Healthcare professionals consider menopause a natural life stage that all women who live into their late forties or early fifties will experience. During this phase, women’s reproductive and sexual organs cease to produce hormones such as estrogen and progesterone. Eventually, a woman will no longer be able to bear children.
Early menopause might increase a woman’s chances of developing Type 2 diabetes.
Medical experts opine that early-onset menopause occurs in women who experience the condition before turning 40. Though premature menopause occurs at an earlier age, the physical and mental manifestations are the same and can include irregular menstrual cycles, hot flashes, fatigue, night sweats, irritability, decreased sex drive, and mood swings.
Subjects might enter premature menopause for a variety of reasons. In many cases, this is fueled by some kind of damage or ailment to a portion of the reproductive tract. Conditions that might serve as a culprit include chemotherapy or radiation treatments for cancer or other serious illnesses, the presence of various autoimmune system disorders, a family history of premature menopause and certain questionable lifestyle choices like alcohol or substance abuse and a poor diet.
The Correlation Between Early-Onset Menopause and Type 2 Diabetes
Decreased systemic concentrations of vital female reproductive hormones can impact how the body’s cells respond to the important digestive hormone called insulin. This could precipitate serious fluctuations in a person’s blood sugar levels. Should these fluctuations become pronounced, diabetes can ensue.
A team of Dutch researchers opted to study this phenomenon. In 2017, they released their findings after studying the medical records and deciphering questionnaire results of more than 4,000 women over a nine-year period. Those whose menstrual cycles ceased between ages 40 and 44 had an increased risk for developing diabetes by more than two percent.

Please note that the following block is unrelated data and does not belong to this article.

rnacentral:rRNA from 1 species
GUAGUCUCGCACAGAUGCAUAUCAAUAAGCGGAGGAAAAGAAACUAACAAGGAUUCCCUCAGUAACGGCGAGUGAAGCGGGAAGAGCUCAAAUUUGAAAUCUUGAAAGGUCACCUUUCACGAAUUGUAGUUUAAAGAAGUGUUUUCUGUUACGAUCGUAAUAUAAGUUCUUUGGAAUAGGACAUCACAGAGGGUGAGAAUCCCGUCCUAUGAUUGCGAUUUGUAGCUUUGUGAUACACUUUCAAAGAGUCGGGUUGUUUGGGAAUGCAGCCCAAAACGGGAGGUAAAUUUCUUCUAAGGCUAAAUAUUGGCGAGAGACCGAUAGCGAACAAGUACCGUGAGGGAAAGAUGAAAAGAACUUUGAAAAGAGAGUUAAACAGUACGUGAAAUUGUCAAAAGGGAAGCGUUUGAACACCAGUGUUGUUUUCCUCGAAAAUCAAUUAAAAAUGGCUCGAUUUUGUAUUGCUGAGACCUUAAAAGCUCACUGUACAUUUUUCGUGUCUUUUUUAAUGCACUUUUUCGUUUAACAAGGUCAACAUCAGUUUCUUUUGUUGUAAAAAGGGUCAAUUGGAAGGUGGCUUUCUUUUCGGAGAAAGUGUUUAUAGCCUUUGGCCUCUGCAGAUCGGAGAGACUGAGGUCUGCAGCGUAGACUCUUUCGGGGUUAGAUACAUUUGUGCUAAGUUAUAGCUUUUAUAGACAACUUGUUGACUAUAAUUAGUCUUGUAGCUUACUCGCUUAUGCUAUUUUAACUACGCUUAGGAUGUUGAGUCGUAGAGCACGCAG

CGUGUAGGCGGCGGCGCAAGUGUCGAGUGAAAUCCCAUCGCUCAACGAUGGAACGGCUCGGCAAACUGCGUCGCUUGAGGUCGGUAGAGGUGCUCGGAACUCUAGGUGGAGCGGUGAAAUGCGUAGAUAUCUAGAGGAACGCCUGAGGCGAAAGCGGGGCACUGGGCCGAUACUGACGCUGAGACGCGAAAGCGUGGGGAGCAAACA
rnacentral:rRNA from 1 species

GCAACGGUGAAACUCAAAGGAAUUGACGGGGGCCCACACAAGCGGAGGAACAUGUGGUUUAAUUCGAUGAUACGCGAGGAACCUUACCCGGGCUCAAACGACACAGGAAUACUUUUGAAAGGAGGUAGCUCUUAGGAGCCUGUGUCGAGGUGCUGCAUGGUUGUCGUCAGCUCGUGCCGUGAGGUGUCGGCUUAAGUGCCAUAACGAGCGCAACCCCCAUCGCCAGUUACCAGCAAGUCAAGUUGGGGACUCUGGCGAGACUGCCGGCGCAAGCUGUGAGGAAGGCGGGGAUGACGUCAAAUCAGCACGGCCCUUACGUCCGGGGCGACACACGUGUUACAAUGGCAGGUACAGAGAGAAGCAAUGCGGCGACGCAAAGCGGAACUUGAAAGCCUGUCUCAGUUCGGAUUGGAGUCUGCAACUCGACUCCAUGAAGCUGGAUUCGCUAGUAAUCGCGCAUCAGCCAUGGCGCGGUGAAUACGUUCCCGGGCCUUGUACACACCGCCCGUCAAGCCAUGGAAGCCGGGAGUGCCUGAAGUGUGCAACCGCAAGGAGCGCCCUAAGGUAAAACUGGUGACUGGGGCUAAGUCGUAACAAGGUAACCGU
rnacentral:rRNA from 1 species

While these scientists suggest that the findings are significant, more research still must be done before any firm conclusions can be drawn. Moreover, the researchers do not believe such data guarantees that a definitive correlation exists between premature menopause and the eventual development of diabetes.
Diabetes prevention is not simple or even always possible. However, certain actions may decrease an individual’s chances of being stricken with this metabolic disease, and they might be even more beneficial for those with increased risk factors for becoming menopausal at a younger age.
These activities include the following:
- Exercise – Regular physical activity is considered vital to ensuring the body’s cells gain insulin sensitivity. Insulin sensitivity means that a person’s system is less reliant on the hormone to maintain stable blood sugar levels.
- Maintain Proper Weight – Obesity is among the most significant factors contributing to diabetes development. Excessive body fat is thought to precipitate diabetes-inducing problems such as insulin resistance and systemic inflammation.
- Practice Specific Dietary Habits – Diet can play a significant role in diabetes prevention. Healthcare professionals and nutritionists claim that people can curtail the risk of developing the potentially serious ailment by avoiding the consumption of beverages with high sugar content, significantly reducing ingestion of processed, canned and fried foods and limiting one’s intake of carbohydrates. Additionally, they recommend limiting portion sizes and increasing fiber consumption.
- Drink Coffee or Tea More Frequently – Both of these popular beverages are said to contain substances known as polyphenols, which are powerful antioxidants. Antioxidants are said to have the capacity to inhibit the liver from releasing sugar into the blood stream.